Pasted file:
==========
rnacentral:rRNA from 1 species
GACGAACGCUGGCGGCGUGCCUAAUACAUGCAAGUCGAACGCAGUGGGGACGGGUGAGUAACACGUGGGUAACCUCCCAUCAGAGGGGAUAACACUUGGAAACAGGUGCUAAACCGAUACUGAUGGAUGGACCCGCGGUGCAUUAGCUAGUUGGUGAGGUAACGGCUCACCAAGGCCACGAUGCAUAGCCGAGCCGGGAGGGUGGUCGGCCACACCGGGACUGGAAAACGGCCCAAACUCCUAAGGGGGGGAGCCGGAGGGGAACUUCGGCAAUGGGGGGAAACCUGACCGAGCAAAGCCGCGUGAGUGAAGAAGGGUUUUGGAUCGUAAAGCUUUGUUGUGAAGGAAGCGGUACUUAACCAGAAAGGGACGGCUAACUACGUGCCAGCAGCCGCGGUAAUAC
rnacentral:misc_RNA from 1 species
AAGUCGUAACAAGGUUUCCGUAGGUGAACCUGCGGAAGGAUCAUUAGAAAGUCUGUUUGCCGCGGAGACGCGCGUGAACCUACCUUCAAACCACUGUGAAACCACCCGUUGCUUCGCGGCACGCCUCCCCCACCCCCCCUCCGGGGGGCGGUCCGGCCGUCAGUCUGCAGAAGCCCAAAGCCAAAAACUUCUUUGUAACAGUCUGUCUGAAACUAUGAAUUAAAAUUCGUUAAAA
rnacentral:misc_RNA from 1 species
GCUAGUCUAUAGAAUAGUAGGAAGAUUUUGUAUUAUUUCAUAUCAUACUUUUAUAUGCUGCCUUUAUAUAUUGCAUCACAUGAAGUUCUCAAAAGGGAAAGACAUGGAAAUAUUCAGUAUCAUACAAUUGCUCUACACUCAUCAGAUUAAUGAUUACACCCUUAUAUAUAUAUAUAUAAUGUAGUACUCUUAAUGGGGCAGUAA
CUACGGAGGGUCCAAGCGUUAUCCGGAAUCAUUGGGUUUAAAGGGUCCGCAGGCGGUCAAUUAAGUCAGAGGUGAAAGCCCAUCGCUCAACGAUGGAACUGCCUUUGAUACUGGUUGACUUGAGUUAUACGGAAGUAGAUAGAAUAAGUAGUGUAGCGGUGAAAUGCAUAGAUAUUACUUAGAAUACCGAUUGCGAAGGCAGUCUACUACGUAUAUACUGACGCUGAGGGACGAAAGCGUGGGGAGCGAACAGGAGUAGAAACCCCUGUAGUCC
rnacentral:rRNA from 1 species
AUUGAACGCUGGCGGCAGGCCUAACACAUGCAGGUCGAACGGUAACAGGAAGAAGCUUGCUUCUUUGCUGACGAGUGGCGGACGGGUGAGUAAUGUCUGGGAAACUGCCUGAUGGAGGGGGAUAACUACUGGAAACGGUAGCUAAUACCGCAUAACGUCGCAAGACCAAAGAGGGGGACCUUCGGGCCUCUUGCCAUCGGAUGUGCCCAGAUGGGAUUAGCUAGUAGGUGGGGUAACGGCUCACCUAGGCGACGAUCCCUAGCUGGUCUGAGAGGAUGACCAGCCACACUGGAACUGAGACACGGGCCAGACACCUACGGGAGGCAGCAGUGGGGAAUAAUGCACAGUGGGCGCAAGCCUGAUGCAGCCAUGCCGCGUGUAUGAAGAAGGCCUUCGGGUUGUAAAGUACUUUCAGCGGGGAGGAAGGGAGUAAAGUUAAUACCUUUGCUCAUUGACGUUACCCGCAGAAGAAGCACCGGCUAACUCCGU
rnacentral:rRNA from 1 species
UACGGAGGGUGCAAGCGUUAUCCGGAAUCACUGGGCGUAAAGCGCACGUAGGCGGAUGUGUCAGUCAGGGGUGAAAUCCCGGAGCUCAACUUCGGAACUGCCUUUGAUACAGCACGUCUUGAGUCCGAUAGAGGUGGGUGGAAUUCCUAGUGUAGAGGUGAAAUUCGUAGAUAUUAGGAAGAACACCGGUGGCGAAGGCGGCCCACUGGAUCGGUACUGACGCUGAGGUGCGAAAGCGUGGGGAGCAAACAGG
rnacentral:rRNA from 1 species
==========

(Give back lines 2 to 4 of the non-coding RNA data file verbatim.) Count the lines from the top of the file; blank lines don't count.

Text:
GACGAACGCUGGCGGCGUGCCUAAUACAUGCAAGUCGAACGCAGUGGGGACGGGUGAGUAACACGUGGGUAACCUCCCAUCAGAGGGGAUAACACUUGGAAACAGGUGCUAAACCGAUACUGAUGGAUGGACCCGCGGUGCAUUAGCUAGUUGGUGAGGUAACGGCUCACCAAGGCCACGAUGCAUAGCCGAGCCGGGAGGGUGGUCGGCCACACCGGGACUGGAAAACGGCCCAAACUCCUAAGGGGGGGAGCCGGAGGGGAACUUCGGCAAUGGGGGGAAACCUGACCGAGCAAAGCCGCGUGAGUGAAGAAGGGUUUUGGAUCGUAAAGCUUUGUUGUGAAGGAAGCGGUACUUAACCAGAAAGGGACGGCUAACUACGUGCCAGCAGCCGCGGUAAUAC
rnacentral:misc_RNA from 1 species
AAGUCGUAACAAGGUUUCCGUAGGUGAACCUGCGGAAGGAUCAUUAGAAAGUCUGUUUGCCGCGGAGACGCGCGUGAACCUACCUUCAAACCACUGUGAAACCACCCGUUGCUUCGCGGCACGCCUCCCCCACCCCCCCUCCGGGGGGCGGUCCGGCCGUCAGUCUGCAGAAGCCCAAAGCCAAAAACUUCUUUGUAACAGUCUGUCUGAAACUAUGAAUUAAAAUUCGUUAAAA